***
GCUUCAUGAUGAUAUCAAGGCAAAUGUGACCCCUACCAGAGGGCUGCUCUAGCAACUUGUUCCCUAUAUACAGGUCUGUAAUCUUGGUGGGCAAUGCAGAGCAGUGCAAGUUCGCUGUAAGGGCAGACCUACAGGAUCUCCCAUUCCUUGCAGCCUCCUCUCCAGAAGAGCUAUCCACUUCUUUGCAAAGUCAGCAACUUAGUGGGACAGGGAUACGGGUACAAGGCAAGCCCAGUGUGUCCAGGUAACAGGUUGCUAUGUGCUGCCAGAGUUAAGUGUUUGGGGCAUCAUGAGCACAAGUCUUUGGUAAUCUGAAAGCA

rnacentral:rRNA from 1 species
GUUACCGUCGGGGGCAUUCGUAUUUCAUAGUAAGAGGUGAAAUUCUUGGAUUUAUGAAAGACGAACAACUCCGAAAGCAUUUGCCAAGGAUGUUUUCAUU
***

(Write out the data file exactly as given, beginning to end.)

GCUUCAUGAUGAUAUCAAGGCAAAUGUGACCCCUACCAGAGGGCUGCUCUAGCAACUUGUUCCCUAUAUACAGGUCUGUAAUCUUGGUGGGCAAUGCAGAGCAGUGCAAGUUCGCUGUAAGGGCAGACCUACAGGAUCUCCCAUUCCUUGCAGCCUCCUCUCCAGAAGAGCUAUCCACUUCUUUGCAAAGUCAGCAACUUAGUGGGACAGGGAUACGGGUACAAGGCAAGCCCAGUGUGUCCAGGUAACAGGUUGCUAUGUGCUGCCAGAGUUAAGUGUUUGGGGCAUCAUGAGCACAAGUCUUUGGUAAUCUGAAAGCA

rnacentral:rRNA from 1 species
GUUACCGUCGGGGGCAUUCGUAUUUCAUAGUAAGAGGUGAAAUUCUUGGAUUUAUGAAAGACGAACAACUCCGAAAGCAUUUGCCAAGGAUGUUUUCAUU